The comic-book king brought a whole new style to Pop Art and Lichtenstein’s most expensive piece of work “Masterpiece” recently sold for $165 million in 2017. But just how much do you really know about this kitsch creative? Read on to find out some interesting facts you might not know about Roy Lichtenstein.
He nearly became a musician
When you’re asked the question “what career would you have if you weren’t doing this?” what do you think of? For Lichtenstein, the answer was easy – he would have been a jazz musician. The artist had a talent for playing piano and clarinet, and he even started a band during his school days. He frequented jazz bars in midtown New York so would have almost certainly become a musician if he hadn’t started painting and sculpting during his teenage years.
He didn’t like comic books as a kid
In fact, Lichtenstein only began creating cartoon pieces to prove his son wrong. In 1961 he painted “Look Mickey”, a comic-style image of Mickey Mouse. And why did he change his artistic genre from Expressionism to Pop Art? It was because his kid said to him “I bet you can’t paint as good as that, eh Dad?” while showing him a Disney comic. What a challenge!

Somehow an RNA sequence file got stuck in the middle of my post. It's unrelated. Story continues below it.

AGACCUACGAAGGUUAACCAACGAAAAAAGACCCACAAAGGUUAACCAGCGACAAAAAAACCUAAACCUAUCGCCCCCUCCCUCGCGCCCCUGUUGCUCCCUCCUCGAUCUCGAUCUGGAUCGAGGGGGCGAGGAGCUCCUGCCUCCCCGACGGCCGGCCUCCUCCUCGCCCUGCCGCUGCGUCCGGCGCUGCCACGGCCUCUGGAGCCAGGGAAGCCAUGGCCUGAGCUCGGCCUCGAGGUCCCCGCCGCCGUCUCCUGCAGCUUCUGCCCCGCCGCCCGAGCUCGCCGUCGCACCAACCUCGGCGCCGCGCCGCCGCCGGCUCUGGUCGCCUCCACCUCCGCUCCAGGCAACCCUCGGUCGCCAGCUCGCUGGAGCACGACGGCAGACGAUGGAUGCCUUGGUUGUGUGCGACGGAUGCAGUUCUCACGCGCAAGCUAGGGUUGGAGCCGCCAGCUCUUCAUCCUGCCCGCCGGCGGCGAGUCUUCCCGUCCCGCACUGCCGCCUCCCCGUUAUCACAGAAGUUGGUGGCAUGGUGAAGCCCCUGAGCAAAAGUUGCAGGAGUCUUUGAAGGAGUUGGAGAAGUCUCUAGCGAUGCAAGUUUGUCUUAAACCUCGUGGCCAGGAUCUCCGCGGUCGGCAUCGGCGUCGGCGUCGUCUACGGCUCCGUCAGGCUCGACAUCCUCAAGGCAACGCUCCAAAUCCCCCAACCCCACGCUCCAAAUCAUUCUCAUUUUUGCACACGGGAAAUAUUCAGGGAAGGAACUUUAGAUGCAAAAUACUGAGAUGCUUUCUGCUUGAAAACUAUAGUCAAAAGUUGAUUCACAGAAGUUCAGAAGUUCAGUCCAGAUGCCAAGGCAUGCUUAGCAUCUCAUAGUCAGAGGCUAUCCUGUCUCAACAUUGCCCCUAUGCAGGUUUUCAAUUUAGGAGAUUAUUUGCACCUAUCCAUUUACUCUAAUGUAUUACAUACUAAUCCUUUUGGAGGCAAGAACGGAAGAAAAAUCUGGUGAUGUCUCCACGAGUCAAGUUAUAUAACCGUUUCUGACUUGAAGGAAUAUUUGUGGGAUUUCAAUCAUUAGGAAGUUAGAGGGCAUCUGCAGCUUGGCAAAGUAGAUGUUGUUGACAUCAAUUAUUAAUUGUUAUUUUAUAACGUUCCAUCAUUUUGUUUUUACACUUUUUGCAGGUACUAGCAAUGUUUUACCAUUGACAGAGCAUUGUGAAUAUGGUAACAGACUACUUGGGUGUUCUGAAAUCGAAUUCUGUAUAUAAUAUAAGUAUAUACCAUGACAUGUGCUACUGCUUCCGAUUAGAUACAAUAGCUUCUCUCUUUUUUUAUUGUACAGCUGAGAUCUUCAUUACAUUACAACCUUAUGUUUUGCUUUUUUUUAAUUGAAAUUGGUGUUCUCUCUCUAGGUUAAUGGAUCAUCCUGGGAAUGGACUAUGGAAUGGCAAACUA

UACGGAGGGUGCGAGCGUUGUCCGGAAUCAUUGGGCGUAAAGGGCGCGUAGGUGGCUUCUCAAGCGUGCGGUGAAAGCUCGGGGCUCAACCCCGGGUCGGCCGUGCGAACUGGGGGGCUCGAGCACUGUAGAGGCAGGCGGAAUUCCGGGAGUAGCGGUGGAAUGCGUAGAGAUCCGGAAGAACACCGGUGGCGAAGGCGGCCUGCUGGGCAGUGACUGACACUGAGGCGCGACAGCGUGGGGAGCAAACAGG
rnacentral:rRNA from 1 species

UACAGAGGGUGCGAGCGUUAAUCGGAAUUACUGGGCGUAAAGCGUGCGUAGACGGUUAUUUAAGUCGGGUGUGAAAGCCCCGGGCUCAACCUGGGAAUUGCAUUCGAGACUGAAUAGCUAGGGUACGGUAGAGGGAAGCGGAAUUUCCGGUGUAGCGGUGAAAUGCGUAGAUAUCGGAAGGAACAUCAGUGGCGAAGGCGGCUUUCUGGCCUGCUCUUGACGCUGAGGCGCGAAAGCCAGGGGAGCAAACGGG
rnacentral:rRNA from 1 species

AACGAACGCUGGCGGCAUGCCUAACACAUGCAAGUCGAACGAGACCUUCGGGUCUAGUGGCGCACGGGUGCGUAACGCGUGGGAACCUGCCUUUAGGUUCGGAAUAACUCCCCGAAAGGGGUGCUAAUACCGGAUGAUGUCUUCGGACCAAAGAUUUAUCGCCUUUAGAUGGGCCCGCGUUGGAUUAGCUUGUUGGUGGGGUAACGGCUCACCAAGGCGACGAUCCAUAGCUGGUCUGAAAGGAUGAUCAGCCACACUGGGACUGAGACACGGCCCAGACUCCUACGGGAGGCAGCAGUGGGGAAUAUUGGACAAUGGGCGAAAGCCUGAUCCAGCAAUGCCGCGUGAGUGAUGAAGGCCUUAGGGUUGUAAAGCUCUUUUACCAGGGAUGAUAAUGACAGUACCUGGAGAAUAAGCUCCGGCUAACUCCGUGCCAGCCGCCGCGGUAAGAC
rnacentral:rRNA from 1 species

He was an inventor
Of course, before Roy Lichtenstein, no-one had brought comic-style art to the mainstream, but that’s not the only thing he pioneered. In order to make it easier for him to paint at any angle while working on commercial commissions, he invented a rotating easel. Nowadays, you can get moveable easels of almost any size, but when Lichtenstein put together his ‘prototype’ it was unheard of and made a difference to the ways in which artists could work.
He loved aeroplanes
The obsession began in childhood when Roy would spend hours making intricate model planes. When he joined the army, he got the chance to train as a pilot in preparation for World War II but he was never called up to fly planes in battle. That didn’t stop him from basing one of his most famous pieces “Whaam!” on air force combat. Lichtenstein was later commissioned to create a sculpture for Columbus International Airport in 1984 and he named the impressive installation ‘Brushstrokes in Flight’.
His art wasn’t creative enough
Roy Lichtenstein was widely criticised for having a lack of artistic skill. But it’s not as if he didn’t know what he was doing; Lichtenstein deliberately used techniques borrowed from commercial printing, such as Benday dots, to make it look like his art was ‘programmed’. He used a restrictive palette of just four colours – the same hues used by printers – and then layered them to get the colours he wanted. Well, how else would you create a poster that looked like a poster?